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What I want to achieve is redirect both normal message and error message to a file. But also print the error message to the console (only error message).

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One (out of many) solutions is the following:

command 2>&1 1>logfile | tee -a logfile

Key:

`2>&1` redirect the output of STDERR to STDOUT
`1>logfile` redirect STDOUT (note: leaves STDERR unchanged)
`| tee -a logfile` append the redirected STDERR to the logfile

For more information, see the Bash Hackers Wiki

  • Before I think after redirect 2>&1, the 1 holds everything, no matter where your redirect the 1 later, STDERR goes together. – Enze Chi Nov 11 '15 at 0:33
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    @EnzoChi The redirect 2>&1 tells bash to redirect STDERR to the same fd (file descriptor) as where STDOUT currently goes. It is not redirecting it to STDOUT. If you then redirect STDOUT (1>logfile), STDERR won't be affected, it will still be pointing to the same fd. The order of doing the redirections is important. – NZD Nov 11 '15 at 0:42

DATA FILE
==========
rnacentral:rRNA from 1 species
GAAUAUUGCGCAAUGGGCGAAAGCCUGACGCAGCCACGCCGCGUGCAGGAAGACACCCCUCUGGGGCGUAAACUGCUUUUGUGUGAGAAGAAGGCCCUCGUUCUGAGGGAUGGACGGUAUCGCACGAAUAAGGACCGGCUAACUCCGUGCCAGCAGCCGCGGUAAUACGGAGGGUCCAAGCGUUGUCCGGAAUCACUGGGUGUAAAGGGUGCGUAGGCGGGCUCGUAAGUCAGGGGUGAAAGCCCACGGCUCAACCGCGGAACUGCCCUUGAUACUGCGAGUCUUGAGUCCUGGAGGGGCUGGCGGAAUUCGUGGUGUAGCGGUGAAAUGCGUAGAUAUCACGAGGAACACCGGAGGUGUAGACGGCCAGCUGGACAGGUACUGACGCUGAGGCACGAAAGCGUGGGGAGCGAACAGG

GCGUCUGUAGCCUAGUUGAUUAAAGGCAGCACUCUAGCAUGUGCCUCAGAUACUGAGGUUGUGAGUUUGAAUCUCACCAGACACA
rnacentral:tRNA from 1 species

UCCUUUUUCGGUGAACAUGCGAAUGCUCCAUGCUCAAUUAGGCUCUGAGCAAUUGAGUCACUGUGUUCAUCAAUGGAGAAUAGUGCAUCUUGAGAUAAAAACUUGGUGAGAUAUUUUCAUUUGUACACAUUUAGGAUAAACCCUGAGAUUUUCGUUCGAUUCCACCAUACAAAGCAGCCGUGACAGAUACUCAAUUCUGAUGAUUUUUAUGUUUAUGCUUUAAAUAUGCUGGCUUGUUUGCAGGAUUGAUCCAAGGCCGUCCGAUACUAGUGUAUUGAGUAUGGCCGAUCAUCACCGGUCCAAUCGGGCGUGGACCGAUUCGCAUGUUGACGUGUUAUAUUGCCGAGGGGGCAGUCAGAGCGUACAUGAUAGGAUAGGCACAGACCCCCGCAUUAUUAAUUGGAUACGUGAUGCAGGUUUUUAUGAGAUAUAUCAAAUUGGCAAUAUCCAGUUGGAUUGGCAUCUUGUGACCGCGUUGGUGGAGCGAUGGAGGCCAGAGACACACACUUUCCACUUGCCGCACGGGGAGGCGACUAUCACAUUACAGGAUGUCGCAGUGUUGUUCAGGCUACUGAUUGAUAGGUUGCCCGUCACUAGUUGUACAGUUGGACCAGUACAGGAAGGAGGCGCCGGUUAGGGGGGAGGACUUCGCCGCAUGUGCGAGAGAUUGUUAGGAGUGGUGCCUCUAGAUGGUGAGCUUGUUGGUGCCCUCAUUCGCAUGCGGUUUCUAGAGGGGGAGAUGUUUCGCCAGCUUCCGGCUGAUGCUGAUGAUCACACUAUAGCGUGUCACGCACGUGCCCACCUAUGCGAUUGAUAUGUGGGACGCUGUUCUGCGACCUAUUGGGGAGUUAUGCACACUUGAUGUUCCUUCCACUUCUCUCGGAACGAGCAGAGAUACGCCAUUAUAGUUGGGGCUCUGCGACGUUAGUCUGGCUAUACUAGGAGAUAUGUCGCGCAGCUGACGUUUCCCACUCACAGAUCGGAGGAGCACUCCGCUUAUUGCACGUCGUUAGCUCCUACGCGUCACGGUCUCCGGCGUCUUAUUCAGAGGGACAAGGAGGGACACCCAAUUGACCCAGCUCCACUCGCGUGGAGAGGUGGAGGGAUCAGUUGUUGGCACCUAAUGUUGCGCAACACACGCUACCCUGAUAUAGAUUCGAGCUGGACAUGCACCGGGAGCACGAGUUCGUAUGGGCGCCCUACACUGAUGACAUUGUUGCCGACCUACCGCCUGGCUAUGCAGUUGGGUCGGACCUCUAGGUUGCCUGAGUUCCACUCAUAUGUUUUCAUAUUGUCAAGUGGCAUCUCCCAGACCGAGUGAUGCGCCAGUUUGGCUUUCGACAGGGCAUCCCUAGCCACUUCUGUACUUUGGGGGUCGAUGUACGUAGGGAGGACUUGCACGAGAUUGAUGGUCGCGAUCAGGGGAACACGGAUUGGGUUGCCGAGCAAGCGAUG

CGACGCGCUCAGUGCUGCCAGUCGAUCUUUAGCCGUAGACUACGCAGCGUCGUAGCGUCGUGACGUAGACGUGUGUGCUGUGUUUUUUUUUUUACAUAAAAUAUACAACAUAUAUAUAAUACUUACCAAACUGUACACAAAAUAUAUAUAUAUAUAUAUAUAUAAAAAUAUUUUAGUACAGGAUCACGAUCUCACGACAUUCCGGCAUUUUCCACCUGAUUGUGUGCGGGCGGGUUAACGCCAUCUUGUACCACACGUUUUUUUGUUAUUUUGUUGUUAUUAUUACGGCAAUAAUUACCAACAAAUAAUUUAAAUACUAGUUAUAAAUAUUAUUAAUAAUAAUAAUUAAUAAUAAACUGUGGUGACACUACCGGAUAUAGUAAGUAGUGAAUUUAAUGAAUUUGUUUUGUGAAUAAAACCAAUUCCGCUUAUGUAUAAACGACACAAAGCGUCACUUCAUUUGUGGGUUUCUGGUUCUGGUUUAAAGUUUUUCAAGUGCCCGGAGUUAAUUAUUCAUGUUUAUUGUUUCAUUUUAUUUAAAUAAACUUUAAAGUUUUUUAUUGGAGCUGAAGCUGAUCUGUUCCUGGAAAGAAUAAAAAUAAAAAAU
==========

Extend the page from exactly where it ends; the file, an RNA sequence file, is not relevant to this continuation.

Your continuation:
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    can be slightly shortened: command 2> >(tee -a logfile) 1>>logfile -- stderr is redirected into a process substitution, and tee writes to stdout. No real benefit over your answer. – glenn jackman Nov 11 '15 at 1:00
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    So, 1 and 2 are just pointers, taking a program's stdout & stderr messages and normally putting them to terminal/screen, unless changed/redirected/piped. Making 2>&1 doesn't "attach" 2 to 1, but just attaches 2 to whatever 1 was pointing to, at that time...? – Xen2050 Nov 11 '15 at 12:21
  • @Xen2050 That is correct :-) For more information see wiki.bash-hackers.org/howto/redirection_tutorial – NZD Nov 11 '15 at 18:58

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